Photo: @auroraisnthome via Instagram
Logan Jackson knows a thing or two about identity politics in fashion.
The Creative Director of inclusivity-centric fashion site You Do You recently photographed Kendyl Noor Aurora, the Muslim fashion blogger formerly known as The Tattooed Hijabi, who spent a year off of social media after facing criticism for the intersection of her religious practice and fashion choices. We chatted with Jackson about the intersection of fashion, religion, and gender identity, as well as what fascinates You Do You about Aurora.
We loved the idea of someone approaching religion on their own terms — doing it their way and finding that it works for them. As a tattooed, queer caucasian woman who embraces Islam, Kendyl was a great example of this and we wanted to find out more. We also wanted to give positive coverage to Muslim women in general.
It is in the sense that we try to be as inclusive of as many different bodies, philosophies, and practices as possible. Our method for inclusivity is giving people a platform or discussion and exploration. We want to make YDY about the voice of the people instead of just ours. It’s less about forcing an opinion about a way of life, and more about forming one.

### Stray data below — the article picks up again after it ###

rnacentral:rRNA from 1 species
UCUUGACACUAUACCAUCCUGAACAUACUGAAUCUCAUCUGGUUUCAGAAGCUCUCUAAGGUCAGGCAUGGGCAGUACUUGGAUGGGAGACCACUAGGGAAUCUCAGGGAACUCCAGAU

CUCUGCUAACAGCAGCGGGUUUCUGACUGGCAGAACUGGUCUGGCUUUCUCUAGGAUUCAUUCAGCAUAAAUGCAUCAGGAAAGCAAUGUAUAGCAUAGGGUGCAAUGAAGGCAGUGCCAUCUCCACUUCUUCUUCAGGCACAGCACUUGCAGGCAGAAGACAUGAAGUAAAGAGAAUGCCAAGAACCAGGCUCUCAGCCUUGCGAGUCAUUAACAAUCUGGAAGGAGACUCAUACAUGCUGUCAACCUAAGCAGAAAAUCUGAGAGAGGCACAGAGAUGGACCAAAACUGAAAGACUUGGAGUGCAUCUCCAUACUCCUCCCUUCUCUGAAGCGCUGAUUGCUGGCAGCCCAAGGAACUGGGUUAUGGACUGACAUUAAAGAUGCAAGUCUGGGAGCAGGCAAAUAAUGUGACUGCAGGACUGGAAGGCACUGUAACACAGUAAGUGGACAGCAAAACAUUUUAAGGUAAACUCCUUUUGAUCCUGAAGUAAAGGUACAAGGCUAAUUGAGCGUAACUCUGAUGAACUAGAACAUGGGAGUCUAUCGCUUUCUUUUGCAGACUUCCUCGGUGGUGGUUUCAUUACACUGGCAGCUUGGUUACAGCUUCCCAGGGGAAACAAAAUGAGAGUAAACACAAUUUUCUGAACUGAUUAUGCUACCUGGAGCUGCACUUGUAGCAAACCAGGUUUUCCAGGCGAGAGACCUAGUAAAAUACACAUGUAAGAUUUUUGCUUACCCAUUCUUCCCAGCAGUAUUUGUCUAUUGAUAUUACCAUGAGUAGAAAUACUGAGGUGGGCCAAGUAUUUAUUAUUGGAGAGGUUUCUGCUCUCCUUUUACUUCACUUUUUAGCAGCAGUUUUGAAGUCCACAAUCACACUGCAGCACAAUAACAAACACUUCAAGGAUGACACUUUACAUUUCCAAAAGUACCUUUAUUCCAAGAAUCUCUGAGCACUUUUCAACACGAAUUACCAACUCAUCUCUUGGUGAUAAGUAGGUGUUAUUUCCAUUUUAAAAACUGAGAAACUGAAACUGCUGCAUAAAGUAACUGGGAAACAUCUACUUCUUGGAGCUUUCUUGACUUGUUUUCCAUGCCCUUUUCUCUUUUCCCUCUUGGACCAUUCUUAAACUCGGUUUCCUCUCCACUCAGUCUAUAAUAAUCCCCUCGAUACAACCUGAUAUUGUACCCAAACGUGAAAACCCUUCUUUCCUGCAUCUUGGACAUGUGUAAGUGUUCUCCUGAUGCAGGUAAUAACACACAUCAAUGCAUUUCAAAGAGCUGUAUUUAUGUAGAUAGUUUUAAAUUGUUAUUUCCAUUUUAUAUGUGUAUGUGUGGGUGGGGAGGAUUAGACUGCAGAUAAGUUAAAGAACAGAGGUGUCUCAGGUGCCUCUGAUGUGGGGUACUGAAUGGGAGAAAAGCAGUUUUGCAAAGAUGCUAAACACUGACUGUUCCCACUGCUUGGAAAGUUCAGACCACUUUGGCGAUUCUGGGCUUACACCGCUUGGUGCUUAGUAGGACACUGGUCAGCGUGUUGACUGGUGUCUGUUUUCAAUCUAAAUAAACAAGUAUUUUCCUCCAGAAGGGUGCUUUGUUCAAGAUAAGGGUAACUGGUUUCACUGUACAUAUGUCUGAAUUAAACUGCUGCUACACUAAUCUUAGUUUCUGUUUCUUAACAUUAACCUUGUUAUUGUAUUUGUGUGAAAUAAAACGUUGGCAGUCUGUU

Do you see Kendyl as appropriating Islamic culture in any way? How would you address that criticism?
Since she is a woman of the Muslim faith, no. The practices, which include standards for dressing, are part of the religion. Kendyl had her personal struggles with these standards, as mentioned in her interview. I can see how the criticism would emerge, but I think once one converts to a new religion and takes on that lifestyle, they are adapting to the religion and not a new race.
How do you see fashion intersecting with religion and gender identity?